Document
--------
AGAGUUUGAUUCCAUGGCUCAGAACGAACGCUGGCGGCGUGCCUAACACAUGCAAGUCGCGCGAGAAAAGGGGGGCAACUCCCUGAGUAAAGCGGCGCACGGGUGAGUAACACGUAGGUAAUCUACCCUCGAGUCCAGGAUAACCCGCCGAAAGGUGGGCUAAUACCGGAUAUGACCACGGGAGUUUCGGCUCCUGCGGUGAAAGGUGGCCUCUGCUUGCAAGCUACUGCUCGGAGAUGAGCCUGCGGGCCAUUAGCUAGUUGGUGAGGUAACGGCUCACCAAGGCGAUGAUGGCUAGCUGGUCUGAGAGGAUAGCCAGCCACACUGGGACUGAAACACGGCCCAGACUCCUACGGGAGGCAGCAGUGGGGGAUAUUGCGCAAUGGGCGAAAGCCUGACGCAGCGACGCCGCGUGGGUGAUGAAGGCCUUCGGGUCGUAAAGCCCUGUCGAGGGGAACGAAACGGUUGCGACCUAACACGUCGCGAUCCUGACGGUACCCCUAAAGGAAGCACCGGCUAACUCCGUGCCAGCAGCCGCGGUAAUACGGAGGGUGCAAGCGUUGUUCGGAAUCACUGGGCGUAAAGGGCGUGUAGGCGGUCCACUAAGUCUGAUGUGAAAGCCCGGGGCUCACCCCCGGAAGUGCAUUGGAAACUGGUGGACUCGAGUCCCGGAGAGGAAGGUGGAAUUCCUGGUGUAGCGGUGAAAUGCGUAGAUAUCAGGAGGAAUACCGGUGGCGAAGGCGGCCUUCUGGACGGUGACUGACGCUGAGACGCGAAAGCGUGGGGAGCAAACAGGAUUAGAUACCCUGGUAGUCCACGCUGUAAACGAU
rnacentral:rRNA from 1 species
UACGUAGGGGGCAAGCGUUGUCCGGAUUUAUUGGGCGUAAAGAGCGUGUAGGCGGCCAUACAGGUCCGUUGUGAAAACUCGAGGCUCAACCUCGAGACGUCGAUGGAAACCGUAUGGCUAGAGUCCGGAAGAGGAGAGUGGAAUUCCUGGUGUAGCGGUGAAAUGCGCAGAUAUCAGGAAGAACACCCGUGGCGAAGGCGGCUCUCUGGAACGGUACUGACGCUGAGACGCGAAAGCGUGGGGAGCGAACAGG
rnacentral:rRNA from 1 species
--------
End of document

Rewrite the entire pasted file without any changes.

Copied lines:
AGAGUUUGAUUCCAUGGCUCAGAACGAACGCUGGCGGCGUGCCUAACACAUGCAAGUCGCGCGAGAAAAGGGGGGCAACUCCCUGAGUAAAGCGGCGCACGGGUGAGUAACACGUAGGUAAUCUACCCUCGAGUCCAGGAUAACCCGCCGAAAGGUGGGCUAAUACCGGAUAUGACCACGGGAGUUUCGGCUCCUGCGGUGAAAGGUGGCCUCUGCUUGCAAGCUACUGCUCGGAGAUGAGCCUGCGGGCCAUUAGCUAGUUGGUGAGGUAACGGCUCACCAAGGCGAUGAUGGCUAGCUGGUCUGAGAGGAUAGCCAGCCACACUGGGACUGAAACACGGCCCAGACUCCUACGGGAGGCAGCAGUGGGGGAUAUUGCGCAAUGGGCGAAAGCCUGACGCAGCGACGCCGCGUGGGUGAUGAAGGCCUUCGGGUCGUAAAGCCCUGUCGAGGGGAACGAAACGGUUGCGACCUAACACGUCGCGAUCCUGACGGUACCCCUAAAGGAAGCACCGGCUAACUCCGUGCCAGCAGCCGCGGUAAUACGGAGGGUGCAAGCGUUGUUCGGAAUCACUGGGCGUAAAGGGCGUGUAGGCGGUCCACUAAGUCUGAUGUGAAAGCCCGGGGCUCACCCCCGGAAGUGCAUUGGAAACUGGUGGACUCGAGUCCCGGAGAGGAAGGUGGAAUUCCUGGUGUAGCGGUGAAAUGCGUAGAUAUCAGGAGGAAUACCGGUGGCGAAGGCGGCCUUCUGGACGGUGACUGACGCUGAGACGCGAAAGCGUGGGGAGCAAACAGGAUUAGAUACCCUGGUAGUCCACGCUGUAAACGAU
rnacentral:rRNA from 1 species
UACGUAGGGGGCAAGCGUUGUCCGGAUUUAUUGGGCGUAAAGAGCGUGUAGGCGGCCAUACAGGUCCGUUGUGAAAACUCGAGGCUCAACCUCGAGACGUCGAUGGAAACCGUAUGGCUAGAGUCCGGAAGAGGAGAGUGGAAUUCCUGGUGUAGCGGUGAAAUGCGCAGAUAUCAGGAAGAACACCCGUGGCGAAGGCGGCUCUCUGGAACGGUACUGACGCUGAGACGCGAAAGCGUGGGGAGCGAACAGG
rnacentral:rRNA from 1 species